Stephen Covey selected seven essential ‘habits’ for great managers. Which of these are on your list as a farmer?
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There are some truly inspirational books to help you in your quest to become a great farm manager.
Peter Drucker’sConcept of the Corporationabout General Motors is a bit dated now, but it was the first book ever written about ‘management’ as we understand it today.
Drucker realised that there was much more to it than the boss giving orders and everyone following, and inThe Practice of Management, as valid today as it was in 1954 when he wrote it, he recognised that the real life-blood of any organisation is the talent and skill of its management.
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Books in the same class are In Search of Excellence by Thomas Peters and Robert Waterman (1982),The Seven Habits of Highly Effective Peopleby Stephen Covey (1992),Built to Lastby Jim Collins and Jerry Porras (1994), and Jim Collins’s follow up,Good to Great(2001), which describes why some businesses make this leap and others don’t.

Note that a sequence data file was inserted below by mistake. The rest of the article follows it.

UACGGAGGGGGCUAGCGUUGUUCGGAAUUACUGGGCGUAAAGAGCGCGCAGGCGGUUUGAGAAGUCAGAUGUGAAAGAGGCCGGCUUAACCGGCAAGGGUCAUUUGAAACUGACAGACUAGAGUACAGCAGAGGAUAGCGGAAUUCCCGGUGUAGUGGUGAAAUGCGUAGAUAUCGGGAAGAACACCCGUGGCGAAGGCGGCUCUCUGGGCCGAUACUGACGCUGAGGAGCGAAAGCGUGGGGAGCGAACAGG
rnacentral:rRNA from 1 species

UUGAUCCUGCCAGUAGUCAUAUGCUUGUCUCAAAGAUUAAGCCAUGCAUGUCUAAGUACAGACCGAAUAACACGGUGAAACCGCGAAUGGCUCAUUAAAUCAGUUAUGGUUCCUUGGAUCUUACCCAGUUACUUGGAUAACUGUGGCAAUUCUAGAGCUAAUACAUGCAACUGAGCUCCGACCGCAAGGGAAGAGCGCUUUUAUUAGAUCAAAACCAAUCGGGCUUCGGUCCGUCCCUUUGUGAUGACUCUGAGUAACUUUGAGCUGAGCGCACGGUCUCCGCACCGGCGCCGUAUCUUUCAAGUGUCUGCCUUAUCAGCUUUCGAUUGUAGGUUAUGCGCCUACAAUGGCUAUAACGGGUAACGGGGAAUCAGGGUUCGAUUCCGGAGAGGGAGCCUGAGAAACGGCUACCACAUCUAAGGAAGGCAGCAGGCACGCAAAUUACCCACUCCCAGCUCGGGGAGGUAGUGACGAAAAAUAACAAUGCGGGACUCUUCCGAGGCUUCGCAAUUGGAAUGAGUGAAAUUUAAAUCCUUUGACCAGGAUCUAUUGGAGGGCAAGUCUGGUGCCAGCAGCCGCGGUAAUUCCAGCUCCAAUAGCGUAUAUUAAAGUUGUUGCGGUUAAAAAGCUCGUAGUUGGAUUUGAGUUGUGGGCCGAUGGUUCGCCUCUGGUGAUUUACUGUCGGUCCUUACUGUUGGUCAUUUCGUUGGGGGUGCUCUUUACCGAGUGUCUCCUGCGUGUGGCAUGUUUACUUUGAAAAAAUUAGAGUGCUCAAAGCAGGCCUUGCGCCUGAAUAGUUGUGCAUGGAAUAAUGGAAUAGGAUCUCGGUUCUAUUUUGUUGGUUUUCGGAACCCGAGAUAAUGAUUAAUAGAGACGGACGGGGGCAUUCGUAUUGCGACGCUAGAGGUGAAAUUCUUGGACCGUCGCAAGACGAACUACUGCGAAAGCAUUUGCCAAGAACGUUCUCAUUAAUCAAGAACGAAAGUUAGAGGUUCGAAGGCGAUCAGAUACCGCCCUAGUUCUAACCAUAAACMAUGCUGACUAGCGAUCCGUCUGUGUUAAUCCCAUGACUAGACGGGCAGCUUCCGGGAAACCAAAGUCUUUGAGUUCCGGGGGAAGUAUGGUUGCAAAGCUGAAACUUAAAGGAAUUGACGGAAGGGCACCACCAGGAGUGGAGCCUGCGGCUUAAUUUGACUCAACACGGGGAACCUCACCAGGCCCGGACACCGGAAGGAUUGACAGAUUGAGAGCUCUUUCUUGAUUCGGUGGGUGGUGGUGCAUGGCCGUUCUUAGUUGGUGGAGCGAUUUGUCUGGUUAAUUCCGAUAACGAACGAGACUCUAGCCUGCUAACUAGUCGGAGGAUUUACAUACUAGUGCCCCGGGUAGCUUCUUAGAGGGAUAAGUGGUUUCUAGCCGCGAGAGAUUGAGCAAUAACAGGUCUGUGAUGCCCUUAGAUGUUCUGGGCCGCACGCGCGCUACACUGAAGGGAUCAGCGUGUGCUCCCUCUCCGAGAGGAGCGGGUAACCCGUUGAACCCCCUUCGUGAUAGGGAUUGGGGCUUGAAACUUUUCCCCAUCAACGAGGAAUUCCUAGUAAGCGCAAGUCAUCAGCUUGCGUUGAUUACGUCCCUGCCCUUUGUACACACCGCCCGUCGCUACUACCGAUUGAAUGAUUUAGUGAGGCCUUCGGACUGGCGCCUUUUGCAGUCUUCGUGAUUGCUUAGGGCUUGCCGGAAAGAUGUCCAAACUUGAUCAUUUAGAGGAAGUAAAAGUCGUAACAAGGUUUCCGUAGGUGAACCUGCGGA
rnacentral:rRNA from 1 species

Seven habits of profitable farmers
What triggered this trip down literary memory lane was an article I came across on prairiefarmer.com, in which an American economics Professor, Gary Schnitkey, taking a cue from Stephen Covey, identified the seven common characteristics or habits of profitable soya farmers:
They are innovative and dive into new ideas
They do their own research with on-farm testing of new technologies and practices
They look at return on investment, not simply yields
They push yields, producing one to two bushels more per acre than their neighbours
They are excellent at cost control
They ask for help to address areas of weakness, making extensive use of consultants
They receive a premium price, whether its non-GMO beans or seed bean production.
I then started looking for other gems of farm management wisdom, dressed up as ‘seven habits’, and soon found that in 2016, Lilian Schaer of IPSOS, had carried out a survey of 604 farms across Canada.
Related: Developing good business habits for a great year
She, too, had identified ‘seven habits’ of farm managers who were having the greatest impact on farm profitability. So, go ahead and form some (good) habits today.
This article originally appeared in Farmer’s Weekly.